East Edition Herald American Lead Story

Historic Downey McDonald’s to add drive-through window

DOWNEY — The future has caught up with the historic McDonald’s Restaurant, 10207 Lakewood Blvd.

It’s still a nostalgic facility, retaining much of the atmosphere of its 63-year past including a museum, but will soon have something not too familiar in the 1950s — a drive-through window.

The Planning Commission April 6 approved a conditional use permit for the drive-through from the McDonald’s Corporation, where officials said the drive-through is needed to compete with other fast-food eateries and increase business.

In a report to the commission, Principal Planner David Blumenthal said the site includes the 1,182-square-foot restaurant and an adjoining 922-square-foot museum plus a 576-square-foot outdoor eating area.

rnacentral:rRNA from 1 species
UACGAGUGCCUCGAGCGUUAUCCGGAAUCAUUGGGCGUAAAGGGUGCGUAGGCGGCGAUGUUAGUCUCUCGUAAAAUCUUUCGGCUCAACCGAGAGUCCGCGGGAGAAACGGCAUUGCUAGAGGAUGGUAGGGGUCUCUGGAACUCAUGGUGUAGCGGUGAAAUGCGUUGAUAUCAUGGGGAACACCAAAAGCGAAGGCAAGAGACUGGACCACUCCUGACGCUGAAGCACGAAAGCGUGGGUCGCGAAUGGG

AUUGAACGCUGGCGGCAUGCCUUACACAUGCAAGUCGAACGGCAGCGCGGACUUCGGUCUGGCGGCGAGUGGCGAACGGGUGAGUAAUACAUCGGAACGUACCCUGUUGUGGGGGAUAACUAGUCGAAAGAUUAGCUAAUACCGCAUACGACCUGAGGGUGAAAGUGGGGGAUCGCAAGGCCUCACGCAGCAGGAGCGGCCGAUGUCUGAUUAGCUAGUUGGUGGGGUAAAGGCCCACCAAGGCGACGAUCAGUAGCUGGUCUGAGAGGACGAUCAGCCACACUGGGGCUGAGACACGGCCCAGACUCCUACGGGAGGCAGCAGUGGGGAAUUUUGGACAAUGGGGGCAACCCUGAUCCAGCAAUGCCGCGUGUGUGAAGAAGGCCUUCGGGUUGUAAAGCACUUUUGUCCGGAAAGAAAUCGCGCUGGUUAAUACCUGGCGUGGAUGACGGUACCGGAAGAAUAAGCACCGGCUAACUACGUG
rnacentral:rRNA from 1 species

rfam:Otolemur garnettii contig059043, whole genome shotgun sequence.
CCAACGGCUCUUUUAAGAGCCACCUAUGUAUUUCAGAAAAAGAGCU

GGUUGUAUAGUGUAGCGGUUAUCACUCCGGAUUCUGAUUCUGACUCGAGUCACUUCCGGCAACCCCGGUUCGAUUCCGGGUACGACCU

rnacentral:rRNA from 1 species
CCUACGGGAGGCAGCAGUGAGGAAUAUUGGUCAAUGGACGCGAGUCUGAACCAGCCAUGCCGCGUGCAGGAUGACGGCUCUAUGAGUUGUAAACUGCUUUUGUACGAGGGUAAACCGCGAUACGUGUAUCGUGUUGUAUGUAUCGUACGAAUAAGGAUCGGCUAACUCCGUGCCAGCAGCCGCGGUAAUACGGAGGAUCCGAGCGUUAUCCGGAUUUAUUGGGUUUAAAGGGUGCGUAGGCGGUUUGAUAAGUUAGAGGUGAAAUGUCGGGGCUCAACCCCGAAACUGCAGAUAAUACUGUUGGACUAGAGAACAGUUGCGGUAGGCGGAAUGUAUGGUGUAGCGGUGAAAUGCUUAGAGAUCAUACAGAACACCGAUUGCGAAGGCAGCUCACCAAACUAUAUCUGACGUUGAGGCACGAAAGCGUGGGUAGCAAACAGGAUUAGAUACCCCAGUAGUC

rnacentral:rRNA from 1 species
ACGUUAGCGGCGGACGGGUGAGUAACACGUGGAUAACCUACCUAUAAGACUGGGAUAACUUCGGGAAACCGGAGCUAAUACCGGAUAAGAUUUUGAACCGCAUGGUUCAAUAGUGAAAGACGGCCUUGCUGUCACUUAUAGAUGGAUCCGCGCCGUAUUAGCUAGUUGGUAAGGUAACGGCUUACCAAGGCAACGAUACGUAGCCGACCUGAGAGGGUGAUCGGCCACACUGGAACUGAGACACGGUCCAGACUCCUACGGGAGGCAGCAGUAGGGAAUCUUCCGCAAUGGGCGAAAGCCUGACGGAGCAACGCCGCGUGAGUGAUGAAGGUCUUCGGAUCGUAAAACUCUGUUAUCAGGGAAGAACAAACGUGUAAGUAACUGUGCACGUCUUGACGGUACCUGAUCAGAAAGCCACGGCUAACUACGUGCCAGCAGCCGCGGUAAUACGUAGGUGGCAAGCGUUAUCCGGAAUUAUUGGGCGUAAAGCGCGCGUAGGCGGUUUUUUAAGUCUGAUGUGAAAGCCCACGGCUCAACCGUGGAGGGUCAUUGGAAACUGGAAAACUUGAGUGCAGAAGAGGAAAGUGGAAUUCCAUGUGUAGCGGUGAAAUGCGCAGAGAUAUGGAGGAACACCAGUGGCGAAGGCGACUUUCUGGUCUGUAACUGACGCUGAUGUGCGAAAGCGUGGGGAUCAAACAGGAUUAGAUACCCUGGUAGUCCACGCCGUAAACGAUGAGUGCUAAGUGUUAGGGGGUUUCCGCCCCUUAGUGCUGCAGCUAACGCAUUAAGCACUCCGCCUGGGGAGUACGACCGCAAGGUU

The drive through will go west off Florence around the back of the restaurant between it and a shopping area to the south.

Blumenthal noted that the building, constructed in 1953, was the third in the McDonald’s chain with the first two located in San Bernardino and Phoenix. But those two have been demolished, making the Downey building the oldest McDonald’s operating.

Besides the chain’s trademark golden arches, the Downey site posts “Speedee,” the winking chef, indicating fast service, on a 60-foot high sign. That was added in 1959.

Blumenthal noted that the structure sustained some damage in the 1994 Northridge earthquake.

A sustained effort by city officials and local residents convinced McDonald’s to make needed repairs and reopen it in 1996, with the addition of the museum, which includes pictures of the original Ronald McDonald.

Staff does not believe the drive through will alter the historic 1950s architectural style of the building, Blumenthal said.